Section 1 proposes a new philosophical account of melancholy. Section 2 examines the reasons why one might think that pornography and melancholy are incompatible. Section 3 discusses some successful examples of melancholic pornography and makes the case that feminist pornographers are particularly well-placed to produce such material.
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  33. L'immagine-inazione. Lo spazio e il tempo nel passaggio dall'image-mouvement all'image-temps in Gilles Deleuze.Fabio Vergine - 2019 - In Enrico Giannetto (ed.), La memoria del cielo. Catania CT, Italia: pp. 1-18.
    Nella sua riflessione filosofica sull’immagine filmica Gilles Deleuze sembra aver tradotto nella maniera più immediata, ancorché insolubilmente problematica, la presenza di uno spazio e di un tempo che giocano il proprio ruolo su di una forma passiva di soggettività: è proprio ne L’image- mouvement, infatti, che Deleuze mostra come uno dei passaggi più proficui delle sue osservazioni sul cinema sia proprio la crisi di ciò che egli definisce immagine-azione, a favore, invece, di un’immagine-tempo, o situazione ottica e sonora pura. Per (...)
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  34. ‘Vivaldi for Gorillas”: Seeking Aesthetics in Adversity.Venkat Ramanan - 2020 - Aesthetics Research Lab 1.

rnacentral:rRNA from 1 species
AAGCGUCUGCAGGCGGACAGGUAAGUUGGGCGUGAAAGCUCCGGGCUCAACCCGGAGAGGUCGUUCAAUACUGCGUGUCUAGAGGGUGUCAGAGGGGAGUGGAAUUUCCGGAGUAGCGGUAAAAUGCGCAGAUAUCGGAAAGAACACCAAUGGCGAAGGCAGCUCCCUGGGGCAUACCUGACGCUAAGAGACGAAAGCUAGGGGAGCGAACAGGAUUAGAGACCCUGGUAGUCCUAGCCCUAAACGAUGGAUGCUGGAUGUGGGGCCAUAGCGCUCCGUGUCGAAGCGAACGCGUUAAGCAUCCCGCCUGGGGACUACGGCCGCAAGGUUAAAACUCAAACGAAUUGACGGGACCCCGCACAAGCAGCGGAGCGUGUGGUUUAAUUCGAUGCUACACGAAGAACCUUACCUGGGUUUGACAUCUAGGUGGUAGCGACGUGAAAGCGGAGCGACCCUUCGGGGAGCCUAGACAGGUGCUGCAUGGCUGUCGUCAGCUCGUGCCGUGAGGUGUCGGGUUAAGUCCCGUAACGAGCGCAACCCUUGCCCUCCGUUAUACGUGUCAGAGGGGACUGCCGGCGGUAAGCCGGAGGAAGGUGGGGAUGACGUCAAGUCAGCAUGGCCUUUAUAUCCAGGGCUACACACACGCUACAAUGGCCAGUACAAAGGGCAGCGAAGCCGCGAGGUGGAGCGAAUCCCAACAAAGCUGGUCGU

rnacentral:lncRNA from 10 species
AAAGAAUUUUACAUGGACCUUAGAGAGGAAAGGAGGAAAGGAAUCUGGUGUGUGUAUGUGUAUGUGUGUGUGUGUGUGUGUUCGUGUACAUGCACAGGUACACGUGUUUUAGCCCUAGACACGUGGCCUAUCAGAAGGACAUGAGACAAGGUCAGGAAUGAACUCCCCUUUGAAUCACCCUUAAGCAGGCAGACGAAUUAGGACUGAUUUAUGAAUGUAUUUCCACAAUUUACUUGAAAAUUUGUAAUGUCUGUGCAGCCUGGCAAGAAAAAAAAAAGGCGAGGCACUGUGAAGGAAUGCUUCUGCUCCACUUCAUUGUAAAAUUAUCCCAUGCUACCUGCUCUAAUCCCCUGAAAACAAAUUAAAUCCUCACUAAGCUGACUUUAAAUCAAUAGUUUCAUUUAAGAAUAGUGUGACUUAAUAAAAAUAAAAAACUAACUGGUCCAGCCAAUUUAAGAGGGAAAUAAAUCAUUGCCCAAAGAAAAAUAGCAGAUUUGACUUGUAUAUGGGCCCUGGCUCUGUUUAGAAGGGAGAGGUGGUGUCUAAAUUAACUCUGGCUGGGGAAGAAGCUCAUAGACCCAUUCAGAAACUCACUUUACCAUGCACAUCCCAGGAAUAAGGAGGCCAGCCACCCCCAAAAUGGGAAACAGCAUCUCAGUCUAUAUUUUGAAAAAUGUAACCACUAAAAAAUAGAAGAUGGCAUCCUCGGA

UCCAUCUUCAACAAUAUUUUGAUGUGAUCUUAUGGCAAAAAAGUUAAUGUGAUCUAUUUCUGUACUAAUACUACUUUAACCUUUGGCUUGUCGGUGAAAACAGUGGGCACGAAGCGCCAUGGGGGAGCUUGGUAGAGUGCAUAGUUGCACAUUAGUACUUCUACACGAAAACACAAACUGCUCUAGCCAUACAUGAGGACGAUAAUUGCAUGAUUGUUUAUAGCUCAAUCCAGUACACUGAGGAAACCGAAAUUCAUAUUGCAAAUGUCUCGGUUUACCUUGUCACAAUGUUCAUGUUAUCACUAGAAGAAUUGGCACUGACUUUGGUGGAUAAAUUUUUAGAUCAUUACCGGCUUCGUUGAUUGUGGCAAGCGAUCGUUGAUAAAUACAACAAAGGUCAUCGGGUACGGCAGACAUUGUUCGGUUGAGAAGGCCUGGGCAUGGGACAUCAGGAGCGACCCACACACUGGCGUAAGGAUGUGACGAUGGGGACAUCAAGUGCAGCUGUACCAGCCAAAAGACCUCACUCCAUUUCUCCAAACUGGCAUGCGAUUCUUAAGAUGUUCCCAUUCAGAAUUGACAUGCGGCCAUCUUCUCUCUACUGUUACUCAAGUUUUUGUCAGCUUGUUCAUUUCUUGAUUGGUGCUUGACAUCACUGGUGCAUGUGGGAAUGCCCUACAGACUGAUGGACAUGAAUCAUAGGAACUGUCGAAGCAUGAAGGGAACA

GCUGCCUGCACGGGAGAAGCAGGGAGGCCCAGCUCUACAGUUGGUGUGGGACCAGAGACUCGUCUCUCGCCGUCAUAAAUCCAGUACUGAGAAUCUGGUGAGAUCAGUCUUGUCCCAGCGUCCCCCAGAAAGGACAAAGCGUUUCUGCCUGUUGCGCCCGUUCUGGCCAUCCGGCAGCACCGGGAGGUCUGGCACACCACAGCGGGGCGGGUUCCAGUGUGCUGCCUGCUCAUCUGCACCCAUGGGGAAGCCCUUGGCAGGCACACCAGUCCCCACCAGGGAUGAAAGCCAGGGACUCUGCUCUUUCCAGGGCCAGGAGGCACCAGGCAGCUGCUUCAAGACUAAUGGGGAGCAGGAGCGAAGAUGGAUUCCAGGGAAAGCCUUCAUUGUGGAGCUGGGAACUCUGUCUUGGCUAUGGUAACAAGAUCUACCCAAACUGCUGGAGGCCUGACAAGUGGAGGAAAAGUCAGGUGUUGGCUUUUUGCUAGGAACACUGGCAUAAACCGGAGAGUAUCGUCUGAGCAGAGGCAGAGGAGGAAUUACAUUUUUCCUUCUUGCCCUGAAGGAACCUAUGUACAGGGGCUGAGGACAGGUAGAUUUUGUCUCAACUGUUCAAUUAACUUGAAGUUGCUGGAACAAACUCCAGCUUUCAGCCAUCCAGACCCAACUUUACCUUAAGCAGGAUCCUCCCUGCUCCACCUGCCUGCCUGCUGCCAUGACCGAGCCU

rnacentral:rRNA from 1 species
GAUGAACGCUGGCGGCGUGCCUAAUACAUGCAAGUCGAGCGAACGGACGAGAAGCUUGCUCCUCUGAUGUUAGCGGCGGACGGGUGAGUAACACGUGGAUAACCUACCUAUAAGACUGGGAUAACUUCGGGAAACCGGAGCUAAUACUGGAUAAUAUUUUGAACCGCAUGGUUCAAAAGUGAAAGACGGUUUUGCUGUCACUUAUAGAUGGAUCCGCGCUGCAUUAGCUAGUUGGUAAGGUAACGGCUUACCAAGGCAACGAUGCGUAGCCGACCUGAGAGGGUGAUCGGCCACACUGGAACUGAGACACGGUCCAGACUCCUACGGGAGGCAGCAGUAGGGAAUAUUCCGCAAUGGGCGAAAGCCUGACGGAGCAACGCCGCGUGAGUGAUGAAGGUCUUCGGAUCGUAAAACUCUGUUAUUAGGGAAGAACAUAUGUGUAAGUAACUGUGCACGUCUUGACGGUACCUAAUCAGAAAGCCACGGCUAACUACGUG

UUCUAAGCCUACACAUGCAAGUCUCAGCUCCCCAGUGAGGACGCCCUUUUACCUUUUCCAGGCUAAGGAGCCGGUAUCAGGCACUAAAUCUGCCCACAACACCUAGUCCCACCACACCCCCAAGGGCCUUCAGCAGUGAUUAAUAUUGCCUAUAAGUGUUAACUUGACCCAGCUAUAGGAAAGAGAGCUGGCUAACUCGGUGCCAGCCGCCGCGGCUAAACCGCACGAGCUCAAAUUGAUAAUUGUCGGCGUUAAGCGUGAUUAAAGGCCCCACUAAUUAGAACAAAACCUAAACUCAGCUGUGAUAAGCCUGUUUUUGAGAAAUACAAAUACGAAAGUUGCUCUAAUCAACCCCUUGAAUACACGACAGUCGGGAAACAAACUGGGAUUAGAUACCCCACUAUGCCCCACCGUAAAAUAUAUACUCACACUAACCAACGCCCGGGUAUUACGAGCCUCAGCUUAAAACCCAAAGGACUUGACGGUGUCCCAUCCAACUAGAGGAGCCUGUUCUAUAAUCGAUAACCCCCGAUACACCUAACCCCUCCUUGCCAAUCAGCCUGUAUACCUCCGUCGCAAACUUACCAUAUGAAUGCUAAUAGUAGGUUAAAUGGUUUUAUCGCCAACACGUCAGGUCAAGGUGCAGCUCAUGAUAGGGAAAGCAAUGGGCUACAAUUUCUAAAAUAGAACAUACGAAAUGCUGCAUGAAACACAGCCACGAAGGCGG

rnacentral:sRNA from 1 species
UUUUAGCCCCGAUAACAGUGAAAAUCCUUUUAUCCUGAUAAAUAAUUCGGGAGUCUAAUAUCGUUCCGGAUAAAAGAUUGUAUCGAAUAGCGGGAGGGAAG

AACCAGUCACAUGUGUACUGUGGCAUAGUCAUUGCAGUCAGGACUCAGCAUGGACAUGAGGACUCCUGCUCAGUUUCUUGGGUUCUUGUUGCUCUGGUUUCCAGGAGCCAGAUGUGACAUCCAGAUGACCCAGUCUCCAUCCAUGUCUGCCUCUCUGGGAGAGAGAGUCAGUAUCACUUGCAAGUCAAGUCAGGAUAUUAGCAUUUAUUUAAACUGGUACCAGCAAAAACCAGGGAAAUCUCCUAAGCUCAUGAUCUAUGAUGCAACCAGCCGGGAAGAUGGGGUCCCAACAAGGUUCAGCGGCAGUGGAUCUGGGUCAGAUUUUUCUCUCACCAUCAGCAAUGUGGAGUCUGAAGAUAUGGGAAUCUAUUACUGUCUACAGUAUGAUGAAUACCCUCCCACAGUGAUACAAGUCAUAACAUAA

Why does someone reach for beauty in circumstances of adversity when it is usually presumed that staying alive presupposes all else?
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  35. The Return of the Translator : From the Edge of Meaning to the Edge of Sense.Srajana Kaikini - 2017 - In Marianna Maruyama (ed.), Kunstlicht Special Issue : Translation as Method. Amsterdam, Netherlands: pp. 10 - 25.
    "Translation, as with any practice, is something to return to again and again. Opening this issue, curator and poet Srajana Kaikini’s multi-layered article, ‘The Return of the Translator’ underlines the relevance of translation as a critical process, available to anyone, in any field. Bringing in references to philosopher Sundar Sarukkai, poet Gangadhar Chittal, and Buddhist philosophical principles, she locates the place of translation. Kaikini looks closely at the ways “language and the world are in strange relation with each other,” to (...)